Beauty

What It's Really Like Being A Mid-Size Model

American model Ciara Consiglio get’s candid about the label and her hopes for the industry.

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I come from a very small town and went to a Catholic school where nobody really felt comfortable expressing themselves because it was so cut and dry. I wanted to stand out. I went to New York for a class trip and bought a very deep purple lipstick from the M.A.C. store. I fell in love with beauty then and I knew that it was going to be a part of my life forever. I broke into modeling while freelancing in Pittsburgh for Rue 21 during my last year of college and I didn’t know if it was going to last. Then I got a call during the midst of COVID from my agency, and that’s how I segued into actually getting signed.

On the reality of working on set:

Being on set when they have my measurements and still don’t have clothes that fit really makes me feel othered, especially because it is something that can easily be prevented through preparation. Before a client even sees me they receive a package that states whether I’m willing to use heat on my hair or not. If I say yes, they use heat for the craziest things; taking a curler and going at my hair – completely dry – put heat on every one of my curls.

I think if there were more people aware of how to handle curly hair, or even coarser hair than mine, it would be a big benefit. I’ve heard horror stories of people’s hair getting ruined. There’s even people showing up on set and their makeup has flashbacks, so they have to go to the bathroom and fix it using their own products. It’s not right. It feels like we’re the issue because they’re not prepared, and I feel weird as a result. It should be a prerequisite to being on set: the awareness of who they’re booking and planning it out accordingly. There’s a change that needs to happen because sometimes we’re expected to do extra work beforehand and not get compensated. It would be amazing to show up as my authentic self in any space that I enter.

 

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On being labeled as a mid-size model:

It’s a little uncomfortable to be labeled, but I get it to an extent because how else do you differentiate the models? Yet, you can hear the backhandedness sometimes when people use those labels. So it’s like, are you actually trying to offend me and go into the “Oh, you’re a model?” vibe and question. I’m proud to be in the plus-size and midsize ranges because it’s so important for people like me to see themselves in campaigns and in stores. The best part of doing what I do is getting to show people that it is possible. A model is a model, and all these labels are a little bit corny, but I do understand it.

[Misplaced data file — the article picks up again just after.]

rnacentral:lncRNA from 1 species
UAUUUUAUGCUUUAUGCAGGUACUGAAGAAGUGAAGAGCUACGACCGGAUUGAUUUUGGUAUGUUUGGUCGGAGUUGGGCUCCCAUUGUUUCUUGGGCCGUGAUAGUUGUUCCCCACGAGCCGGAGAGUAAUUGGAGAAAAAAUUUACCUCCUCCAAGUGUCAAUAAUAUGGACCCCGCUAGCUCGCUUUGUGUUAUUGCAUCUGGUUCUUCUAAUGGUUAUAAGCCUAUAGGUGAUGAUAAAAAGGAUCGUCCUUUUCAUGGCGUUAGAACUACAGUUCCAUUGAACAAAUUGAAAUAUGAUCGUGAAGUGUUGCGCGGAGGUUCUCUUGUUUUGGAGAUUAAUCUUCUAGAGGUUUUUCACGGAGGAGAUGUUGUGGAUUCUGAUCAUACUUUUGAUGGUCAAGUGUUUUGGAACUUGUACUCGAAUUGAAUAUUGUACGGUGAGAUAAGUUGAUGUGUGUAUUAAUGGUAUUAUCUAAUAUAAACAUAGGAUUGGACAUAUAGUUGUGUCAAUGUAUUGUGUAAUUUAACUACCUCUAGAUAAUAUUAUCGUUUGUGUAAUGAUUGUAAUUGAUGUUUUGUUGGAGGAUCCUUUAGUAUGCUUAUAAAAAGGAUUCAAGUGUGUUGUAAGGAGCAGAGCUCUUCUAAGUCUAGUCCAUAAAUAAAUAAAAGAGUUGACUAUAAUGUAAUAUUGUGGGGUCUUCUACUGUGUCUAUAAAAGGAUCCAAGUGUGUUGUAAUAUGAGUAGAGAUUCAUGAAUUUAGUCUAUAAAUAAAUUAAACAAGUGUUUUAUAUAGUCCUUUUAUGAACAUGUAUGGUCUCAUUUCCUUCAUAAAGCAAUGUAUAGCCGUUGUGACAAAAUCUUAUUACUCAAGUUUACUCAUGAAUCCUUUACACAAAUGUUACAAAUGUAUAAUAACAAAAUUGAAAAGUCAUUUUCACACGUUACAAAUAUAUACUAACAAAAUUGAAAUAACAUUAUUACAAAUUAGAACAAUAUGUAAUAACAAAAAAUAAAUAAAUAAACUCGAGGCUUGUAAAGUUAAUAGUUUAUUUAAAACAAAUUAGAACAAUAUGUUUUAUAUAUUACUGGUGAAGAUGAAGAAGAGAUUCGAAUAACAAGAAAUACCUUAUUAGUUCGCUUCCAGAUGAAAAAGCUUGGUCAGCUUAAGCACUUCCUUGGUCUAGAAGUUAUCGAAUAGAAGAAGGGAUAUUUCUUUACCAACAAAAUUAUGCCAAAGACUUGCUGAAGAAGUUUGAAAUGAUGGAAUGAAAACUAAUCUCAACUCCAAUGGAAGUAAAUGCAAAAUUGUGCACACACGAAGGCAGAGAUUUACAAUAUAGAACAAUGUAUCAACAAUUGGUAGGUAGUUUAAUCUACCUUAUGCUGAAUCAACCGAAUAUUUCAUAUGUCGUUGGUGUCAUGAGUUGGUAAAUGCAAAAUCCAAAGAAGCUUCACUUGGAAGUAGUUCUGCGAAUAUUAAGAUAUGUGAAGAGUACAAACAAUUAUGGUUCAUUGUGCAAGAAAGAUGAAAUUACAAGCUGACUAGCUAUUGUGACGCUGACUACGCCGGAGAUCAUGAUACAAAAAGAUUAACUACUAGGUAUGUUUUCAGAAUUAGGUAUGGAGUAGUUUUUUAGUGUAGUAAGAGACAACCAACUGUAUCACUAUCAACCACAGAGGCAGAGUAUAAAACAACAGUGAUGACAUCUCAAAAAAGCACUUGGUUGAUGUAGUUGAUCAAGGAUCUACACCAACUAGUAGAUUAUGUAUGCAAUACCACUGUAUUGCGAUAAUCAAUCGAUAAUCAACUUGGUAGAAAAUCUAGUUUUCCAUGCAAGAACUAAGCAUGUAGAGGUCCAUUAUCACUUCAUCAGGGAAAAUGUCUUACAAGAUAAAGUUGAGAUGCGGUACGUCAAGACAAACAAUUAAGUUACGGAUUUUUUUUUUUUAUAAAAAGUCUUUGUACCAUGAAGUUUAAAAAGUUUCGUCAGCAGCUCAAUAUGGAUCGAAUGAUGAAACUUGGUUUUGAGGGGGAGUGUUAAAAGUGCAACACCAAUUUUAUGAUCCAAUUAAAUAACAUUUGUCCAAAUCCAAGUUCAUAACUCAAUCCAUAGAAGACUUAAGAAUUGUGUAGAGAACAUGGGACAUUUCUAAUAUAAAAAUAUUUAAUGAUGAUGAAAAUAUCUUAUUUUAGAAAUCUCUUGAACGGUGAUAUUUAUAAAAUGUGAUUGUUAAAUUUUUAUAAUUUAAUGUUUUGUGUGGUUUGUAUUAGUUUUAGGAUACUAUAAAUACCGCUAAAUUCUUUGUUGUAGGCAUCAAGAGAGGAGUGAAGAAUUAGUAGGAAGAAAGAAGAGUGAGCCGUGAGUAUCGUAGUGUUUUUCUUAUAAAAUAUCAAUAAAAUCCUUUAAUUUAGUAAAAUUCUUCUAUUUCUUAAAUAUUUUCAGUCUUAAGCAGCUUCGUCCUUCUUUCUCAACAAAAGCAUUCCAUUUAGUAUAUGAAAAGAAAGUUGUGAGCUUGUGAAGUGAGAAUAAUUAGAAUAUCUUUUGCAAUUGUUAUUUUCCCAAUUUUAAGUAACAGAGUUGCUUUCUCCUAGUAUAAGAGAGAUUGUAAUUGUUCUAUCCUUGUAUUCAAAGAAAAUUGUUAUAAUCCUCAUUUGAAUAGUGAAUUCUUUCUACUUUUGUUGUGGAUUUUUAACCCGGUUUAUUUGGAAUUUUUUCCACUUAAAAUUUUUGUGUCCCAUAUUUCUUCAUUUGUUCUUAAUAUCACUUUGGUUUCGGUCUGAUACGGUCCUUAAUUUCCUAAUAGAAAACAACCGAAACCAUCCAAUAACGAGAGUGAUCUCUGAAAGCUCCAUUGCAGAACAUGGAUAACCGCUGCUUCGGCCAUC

It’s a double-edged sword at time, the mid-size label. I definitely get work because of it, so it’d be naive of me not to acknowledge that. But at the same time, calling myself a mid-sized model puts me in a box: a mid-sized, freckled model category. Sometimes it feels like I can be the demographic filler. Like on a set, where you can see every “type” of person that they tried to book and the different categories they fill. When I see that, I think I wasn’t really chosen because of me, but because of the characteristics I’m filling.

On diversity and inclusion in the modeling industry:

I feel like when I first started out, like at the end of 2021 and beginning of 2022, people were serious about being inclusive, and we were actually going in the right direction. They’re not just doing this for money and commercialized reasons. But this past year has debunked that for me, it feels like everybody’s reverting, and now we’re doing like soft girl era, and now they don’t want anybody bigger than a size eight. There are companies and clients in the industry in general that seem to be going back to “skinny is in” again and whitewashing things, and it feels like the industry wasn’t actually serious about diversity and inclusion in the first place.

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On hopes for the next generation of models:

I’m inspired by models like Paloma Elsesser and Precious Lee; seeing them do their thing gives me hope. I don’t really see myself in the high-fashion realm of things yet, but seeing them kill it shows me it’s possible one day. My hopes for the next generation of models are, honestly, to enter an industry where they fully feel comfortable and can actually do what they came to do. I feel like sometimes the uncomfortableness of certain sets can cause you not to perform at your best and give you anxiety. I hope that by the time the next group comes up in this industry, it will become a little bit more caring, and a safer and more comfortable space, so they don’t always have to fend for themselves; they’ll know they have people behind them.

For more candid model stories, check out our coverage of a Black models glam experience backstage during New York Fashion Week.

As told to Sha Spencer. This interview has been condensed and edited for clarity.

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Ciara Consiglio
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Sha Spencer
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